The economics of South Korean TV

Fascinating article on the unabashed leveraging of product placement to finance the ever popular South Korean TV dramas.

While details of product placement deals are not disclosed, industry sources say exposure on popular shows costs at least 100 million won ($96,000) and much more for a hit drama featuring A-list stars with a regional following.

The biggest spender of all is Samsung — the world’s largest technology firm by revenue — which sponsors around two thirds of all domestically-produced soap operas, according to Kim Si-hyun, head of 153 Production, a major PPL agency in Seoul.

“It’s a full package, meaning all visible consumer electronics like smartphones, computers, cameras, air conditioners, TVs and refrigerators are Samsung products, from beginning to end,” Kim said.

Commodification of the dramas begins at the earliest stage of production, once a script writer has produced a basic story line listing characters and their professions.

The workplaces that will feature in the show are offered for sale to real companies looking for exposure.

According to Kim from 153 Production, the workplace of a lead character can go for between 500 million and 1 billion won.

That was how the female lead in “The Heirs” — a teenage romance that was a huge hit in Asia last year — ended up working for Mango Six.

More of note within, including just how effective such placement can be.

The South Korean TV industry is a machine. In the time a US studio takes to make one 24 episode season of television, South Korea will have produced two or more 30 to 50 hour K-dramas. Some of that relies on some brutal filming schedules as I've heard from some of my film school classmates that have worked in Korea, but it also comes from a heavy reliance on story archetypes, simplified lighting setups, and a stable of goto actors that cut down casting lead times. It's a formula, but thus far it hasn't exhausted its millions of devoted viewers throughout Asia.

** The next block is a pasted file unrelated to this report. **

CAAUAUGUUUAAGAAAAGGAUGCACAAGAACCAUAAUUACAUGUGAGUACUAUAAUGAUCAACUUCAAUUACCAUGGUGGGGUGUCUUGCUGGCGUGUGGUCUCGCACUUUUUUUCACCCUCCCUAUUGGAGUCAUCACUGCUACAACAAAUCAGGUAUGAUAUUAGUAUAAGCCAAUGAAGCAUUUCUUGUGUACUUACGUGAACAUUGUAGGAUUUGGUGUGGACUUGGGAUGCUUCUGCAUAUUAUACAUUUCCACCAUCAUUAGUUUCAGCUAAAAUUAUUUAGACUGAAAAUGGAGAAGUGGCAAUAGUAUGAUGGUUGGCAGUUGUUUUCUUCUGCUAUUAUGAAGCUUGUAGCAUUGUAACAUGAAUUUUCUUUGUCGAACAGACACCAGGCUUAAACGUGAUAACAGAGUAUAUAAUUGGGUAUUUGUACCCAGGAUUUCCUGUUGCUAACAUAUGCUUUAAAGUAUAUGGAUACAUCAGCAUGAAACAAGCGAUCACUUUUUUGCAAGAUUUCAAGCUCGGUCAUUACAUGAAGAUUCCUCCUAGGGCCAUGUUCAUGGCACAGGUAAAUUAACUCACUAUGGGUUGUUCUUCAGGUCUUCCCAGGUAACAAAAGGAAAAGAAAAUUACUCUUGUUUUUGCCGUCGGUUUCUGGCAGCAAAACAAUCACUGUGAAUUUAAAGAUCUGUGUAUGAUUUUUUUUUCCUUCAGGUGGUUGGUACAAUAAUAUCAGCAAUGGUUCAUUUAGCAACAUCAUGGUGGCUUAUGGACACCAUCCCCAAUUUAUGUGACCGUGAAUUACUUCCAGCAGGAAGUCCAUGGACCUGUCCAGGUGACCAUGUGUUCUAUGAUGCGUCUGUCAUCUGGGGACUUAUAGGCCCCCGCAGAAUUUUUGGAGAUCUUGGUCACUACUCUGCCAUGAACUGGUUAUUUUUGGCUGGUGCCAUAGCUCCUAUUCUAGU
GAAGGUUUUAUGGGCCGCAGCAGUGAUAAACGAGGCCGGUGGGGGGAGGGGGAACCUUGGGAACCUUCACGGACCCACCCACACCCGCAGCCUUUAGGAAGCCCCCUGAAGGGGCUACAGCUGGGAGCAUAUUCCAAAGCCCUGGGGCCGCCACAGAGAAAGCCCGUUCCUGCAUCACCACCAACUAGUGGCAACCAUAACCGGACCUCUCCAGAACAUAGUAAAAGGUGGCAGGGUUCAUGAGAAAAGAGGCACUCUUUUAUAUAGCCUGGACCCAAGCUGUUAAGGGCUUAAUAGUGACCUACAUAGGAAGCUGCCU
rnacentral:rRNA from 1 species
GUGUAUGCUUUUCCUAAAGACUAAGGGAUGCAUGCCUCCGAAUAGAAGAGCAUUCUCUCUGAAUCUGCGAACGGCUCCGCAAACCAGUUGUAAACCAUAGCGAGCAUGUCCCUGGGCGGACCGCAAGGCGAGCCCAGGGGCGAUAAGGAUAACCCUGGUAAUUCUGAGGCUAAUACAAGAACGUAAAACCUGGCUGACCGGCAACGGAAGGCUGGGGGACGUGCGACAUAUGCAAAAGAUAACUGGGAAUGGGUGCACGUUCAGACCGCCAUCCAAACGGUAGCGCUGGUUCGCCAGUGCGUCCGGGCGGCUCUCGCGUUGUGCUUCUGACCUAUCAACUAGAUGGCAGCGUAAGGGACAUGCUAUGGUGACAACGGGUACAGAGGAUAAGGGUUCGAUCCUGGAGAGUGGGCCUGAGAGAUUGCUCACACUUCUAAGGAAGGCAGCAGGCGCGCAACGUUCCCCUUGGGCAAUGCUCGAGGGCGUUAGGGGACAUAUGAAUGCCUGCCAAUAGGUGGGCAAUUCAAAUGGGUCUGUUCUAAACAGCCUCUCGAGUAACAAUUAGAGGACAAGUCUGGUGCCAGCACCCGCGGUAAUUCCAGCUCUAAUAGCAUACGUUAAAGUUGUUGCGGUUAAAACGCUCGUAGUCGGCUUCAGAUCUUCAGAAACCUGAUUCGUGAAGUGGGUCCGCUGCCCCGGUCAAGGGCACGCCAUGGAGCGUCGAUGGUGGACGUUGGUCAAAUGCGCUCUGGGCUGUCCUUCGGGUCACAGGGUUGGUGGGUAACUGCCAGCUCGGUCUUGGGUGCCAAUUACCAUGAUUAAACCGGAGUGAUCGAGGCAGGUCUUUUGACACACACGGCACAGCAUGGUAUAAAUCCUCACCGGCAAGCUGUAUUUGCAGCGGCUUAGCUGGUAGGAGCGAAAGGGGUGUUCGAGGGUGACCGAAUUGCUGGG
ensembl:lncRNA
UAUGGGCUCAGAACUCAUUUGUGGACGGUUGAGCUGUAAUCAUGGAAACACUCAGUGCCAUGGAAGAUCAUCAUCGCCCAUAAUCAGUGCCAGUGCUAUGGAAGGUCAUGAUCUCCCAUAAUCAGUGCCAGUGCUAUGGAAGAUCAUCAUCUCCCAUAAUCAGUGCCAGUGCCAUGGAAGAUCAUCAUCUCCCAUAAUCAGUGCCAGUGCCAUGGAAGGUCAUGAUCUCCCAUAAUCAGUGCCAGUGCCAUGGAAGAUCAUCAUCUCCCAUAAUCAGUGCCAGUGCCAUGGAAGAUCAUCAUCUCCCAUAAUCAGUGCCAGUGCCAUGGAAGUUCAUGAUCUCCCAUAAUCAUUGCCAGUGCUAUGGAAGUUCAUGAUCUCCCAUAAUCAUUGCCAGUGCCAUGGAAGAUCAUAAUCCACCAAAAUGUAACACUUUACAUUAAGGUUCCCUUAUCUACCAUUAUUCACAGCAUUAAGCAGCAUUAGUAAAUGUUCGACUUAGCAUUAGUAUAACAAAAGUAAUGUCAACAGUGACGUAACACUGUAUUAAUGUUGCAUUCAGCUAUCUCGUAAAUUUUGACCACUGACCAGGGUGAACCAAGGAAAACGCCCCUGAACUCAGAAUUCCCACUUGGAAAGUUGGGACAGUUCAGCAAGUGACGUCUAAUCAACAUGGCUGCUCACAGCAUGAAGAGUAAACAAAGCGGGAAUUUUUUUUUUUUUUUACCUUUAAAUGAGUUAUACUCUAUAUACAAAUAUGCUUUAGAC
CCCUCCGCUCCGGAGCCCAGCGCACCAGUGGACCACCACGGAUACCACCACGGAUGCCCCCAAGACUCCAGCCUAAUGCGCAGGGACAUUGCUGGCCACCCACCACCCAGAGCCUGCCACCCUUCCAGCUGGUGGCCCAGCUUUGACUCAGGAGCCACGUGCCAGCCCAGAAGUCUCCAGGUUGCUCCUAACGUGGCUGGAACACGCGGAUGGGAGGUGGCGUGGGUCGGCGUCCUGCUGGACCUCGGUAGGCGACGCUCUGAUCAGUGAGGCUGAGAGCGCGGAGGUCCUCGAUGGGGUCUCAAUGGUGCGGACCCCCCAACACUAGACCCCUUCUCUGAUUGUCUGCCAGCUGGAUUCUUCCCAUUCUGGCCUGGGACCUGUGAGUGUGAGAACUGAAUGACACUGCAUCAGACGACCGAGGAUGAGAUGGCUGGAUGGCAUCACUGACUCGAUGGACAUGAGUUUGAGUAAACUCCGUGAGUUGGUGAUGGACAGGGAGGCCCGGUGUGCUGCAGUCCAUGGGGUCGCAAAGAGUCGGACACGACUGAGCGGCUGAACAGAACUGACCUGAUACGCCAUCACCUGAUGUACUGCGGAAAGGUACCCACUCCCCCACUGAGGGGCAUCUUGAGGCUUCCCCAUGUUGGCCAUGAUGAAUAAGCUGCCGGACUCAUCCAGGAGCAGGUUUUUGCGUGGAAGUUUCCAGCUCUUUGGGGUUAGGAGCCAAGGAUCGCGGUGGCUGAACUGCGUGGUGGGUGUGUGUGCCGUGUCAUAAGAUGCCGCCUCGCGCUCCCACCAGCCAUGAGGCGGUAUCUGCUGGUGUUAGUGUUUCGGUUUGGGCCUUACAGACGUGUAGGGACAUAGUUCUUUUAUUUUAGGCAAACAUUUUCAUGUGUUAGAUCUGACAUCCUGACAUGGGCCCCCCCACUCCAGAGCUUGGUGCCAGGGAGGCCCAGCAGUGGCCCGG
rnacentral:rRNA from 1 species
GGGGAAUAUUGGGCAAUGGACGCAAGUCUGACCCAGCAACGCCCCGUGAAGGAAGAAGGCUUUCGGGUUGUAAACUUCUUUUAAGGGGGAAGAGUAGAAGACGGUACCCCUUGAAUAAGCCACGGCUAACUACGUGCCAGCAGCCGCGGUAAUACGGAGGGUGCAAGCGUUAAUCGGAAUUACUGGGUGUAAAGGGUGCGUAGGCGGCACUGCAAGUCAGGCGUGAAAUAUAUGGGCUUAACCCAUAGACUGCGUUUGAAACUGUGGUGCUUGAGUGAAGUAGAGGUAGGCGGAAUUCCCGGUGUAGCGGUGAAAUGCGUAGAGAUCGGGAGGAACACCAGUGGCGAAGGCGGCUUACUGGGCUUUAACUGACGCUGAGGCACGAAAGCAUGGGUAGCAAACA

Entertainment as export

Apparently Pop Coreano, or Korean Pop, is quite popular. 

That niche — an amalgamation of spectacular entertainment and relentless optimism — resonates with teenagers in South American nations. The values these stars represent are almost “Confucian,” says Professor Patrick Messerlin, a French economist who has produced an economic analysis of K-pop and who earlier this year addressed a cultural forum in Seoul on the music’s globalization. In his research, Messerlin found that “K-pop performers deliver a sense of modesty and restraint,” and “insist on working hard and learning more” during public appearances, something Western pop artists do not do. Their music represents a “new, colorful and cheerful start,” and not “an old order,” something that will easily appeal to millions of young Central and South Americans, living where economic challenges are rife and nondemocratic regimes common. K-pop’s positive energy is a world away from the introspective, jaded and at times downright depressing style of much Anglophone rock, indie and emo. “[The Koreans] say, ‘We understand your problems,’” Messerlin explains, “‘We went through it too,’” referring to the Korean War and the economic crash of the late 1990s.

For the fans, there is no contest. K-pop songs “are beautiful, are decent,” says Jenii Ramirez, an 18-year-old K-pop fan from Colombia, where TV station Caracol has been broadcasting a K-pop talent show and where K-pop concerts in the capital, Bogotá, lure audiences of at least 5,000. The singers, Ramirez says, have “dedication and are taught to fight in life, understanding that dreams are attainable.”